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Admissions granted against norms may lose recognition


172 students admitted to minority colleges despite not having requisite marks


HYDERABAD: Minority colleges which admitted students against norms last year could face the ire of students what with the A.P. State Council of Higher Education (APSCHE) recommending to the Government not to recognise such admissions.

According to sources, 172 students were admitted to 45 minority engineering colleges in the academic year 2006-07 despite not having the requisite 50 per cent marks in Intermediate.

The Government had given the freedom to the colleges to admit students without EAMCET qualification but with the condition that such students should necessarily score 50 per cent marks in their Intermediate. However, 45 colleges admitted 172 students whose marks were below 50 per cent.

Officials said the colleges admitted students fully aware of the illegality and that students’ future would be spoiled. When these students were refused permission to take the examinations they moved the court that allowed them to appear for the exams. However, on July 23 this year the Federation of A.P. Minority Educational Institutions represented to the officials that their admissions be legalised. They were confident since similar cases were legalised in the academic years 2004-05 and 2005-06.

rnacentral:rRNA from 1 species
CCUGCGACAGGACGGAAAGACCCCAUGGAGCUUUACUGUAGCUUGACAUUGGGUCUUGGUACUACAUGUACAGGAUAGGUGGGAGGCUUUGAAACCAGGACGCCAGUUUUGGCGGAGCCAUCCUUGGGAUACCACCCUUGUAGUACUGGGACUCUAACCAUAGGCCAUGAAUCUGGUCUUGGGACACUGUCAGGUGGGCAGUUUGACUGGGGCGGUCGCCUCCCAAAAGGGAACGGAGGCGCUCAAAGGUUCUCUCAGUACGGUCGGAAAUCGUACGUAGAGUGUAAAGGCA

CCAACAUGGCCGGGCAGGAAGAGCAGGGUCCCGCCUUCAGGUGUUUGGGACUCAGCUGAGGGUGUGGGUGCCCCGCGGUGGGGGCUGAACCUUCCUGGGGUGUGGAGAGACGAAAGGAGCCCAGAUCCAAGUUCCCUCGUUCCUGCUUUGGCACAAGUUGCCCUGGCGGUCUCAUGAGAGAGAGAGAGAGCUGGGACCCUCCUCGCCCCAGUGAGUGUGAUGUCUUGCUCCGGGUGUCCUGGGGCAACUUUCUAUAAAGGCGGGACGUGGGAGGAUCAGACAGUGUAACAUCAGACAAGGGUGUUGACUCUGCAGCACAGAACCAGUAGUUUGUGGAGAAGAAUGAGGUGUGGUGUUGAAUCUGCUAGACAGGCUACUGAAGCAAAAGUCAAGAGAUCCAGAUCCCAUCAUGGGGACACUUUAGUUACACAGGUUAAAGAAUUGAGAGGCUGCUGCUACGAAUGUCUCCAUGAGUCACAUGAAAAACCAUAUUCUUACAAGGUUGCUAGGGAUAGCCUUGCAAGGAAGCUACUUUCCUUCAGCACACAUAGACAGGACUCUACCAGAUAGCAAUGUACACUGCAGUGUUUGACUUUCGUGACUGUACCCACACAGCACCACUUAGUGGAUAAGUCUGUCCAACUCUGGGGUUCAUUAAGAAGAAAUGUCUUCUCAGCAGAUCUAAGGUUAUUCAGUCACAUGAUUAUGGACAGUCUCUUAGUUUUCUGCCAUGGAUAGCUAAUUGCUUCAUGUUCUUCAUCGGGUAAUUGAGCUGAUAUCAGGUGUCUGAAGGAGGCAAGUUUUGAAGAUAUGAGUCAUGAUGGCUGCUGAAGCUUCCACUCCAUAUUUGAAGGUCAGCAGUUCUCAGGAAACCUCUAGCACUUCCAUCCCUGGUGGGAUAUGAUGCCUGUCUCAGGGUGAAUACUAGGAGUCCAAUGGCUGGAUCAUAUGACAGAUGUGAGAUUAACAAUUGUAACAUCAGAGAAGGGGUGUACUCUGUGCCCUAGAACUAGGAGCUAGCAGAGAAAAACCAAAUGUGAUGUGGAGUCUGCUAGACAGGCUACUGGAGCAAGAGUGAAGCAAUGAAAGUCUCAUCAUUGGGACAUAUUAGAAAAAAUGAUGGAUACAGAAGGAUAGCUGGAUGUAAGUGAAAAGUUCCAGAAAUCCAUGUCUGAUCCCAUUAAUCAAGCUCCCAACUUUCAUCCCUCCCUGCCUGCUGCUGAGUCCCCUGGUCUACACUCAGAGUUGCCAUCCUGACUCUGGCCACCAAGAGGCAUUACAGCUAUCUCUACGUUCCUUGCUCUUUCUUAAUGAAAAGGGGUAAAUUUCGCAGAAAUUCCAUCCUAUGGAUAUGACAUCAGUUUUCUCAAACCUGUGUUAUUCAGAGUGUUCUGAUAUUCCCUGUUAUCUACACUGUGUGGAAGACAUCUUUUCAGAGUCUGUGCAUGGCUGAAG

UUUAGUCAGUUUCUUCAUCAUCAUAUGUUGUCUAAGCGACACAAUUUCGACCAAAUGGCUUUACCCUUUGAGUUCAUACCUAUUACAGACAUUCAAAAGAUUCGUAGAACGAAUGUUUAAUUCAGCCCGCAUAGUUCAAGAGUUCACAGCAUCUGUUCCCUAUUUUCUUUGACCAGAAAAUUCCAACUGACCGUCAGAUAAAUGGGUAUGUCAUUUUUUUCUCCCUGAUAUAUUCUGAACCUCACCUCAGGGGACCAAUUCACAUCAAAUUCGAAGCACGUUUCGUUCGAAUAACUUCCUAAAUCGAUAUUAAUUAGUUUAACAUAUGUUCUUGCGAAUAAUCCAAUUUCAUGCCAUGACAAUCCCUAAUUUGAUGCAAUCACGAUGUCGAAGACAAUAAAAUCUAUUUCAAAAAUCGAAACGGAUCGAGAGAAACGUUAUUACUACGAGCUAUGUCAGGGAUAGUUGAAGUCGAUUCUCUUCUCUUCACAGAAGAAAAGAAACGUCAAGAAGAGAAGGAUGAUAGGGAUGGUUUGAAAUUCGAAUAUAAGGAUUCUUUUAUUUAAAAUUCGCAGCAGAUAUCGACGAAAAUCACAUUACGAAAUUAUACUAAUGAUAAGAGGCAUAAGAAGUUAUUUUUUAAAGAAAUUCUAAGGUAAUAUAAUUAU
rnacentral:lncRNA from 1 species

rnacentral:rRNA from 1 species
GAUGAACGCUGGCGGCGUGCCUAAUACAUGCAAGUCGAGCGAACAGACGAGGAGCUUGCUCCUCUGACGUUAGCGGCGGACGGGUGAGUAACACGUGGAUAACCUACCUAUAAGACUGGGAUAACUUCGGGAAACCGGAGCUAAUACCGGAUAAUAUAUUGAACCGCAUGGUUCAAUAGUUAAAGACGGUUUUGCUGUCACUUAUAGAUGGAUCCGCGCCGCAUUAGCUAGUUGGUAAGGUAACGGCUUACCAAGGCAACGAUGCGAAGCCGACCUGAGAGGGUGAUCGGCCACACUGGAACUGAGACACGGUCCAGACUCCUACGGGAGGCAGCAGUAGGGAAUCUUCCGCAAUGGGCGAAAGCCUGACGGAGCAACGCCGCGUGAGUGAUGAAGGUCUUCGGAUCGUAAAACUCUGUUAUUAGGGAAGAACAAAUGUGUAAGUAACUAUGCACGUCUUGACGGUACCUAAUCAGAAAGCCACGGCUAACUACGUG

But now the APSCHE has taken a serious view of the issue and recommended to the Government that stringent action be taken against all the erring colleges and that the admissions of these students should not be recognised. The idea is to send a strong message to the colleges for whom it had become a habit to violate norms with the confidence that such violations would be rectified on the argument that “students should not be punished.”

“This has been the tactic of several colleges over the years and the Government always favoured students. But this time we want to be tough and stringent action and heavy penalties have been recommended,” an official said.

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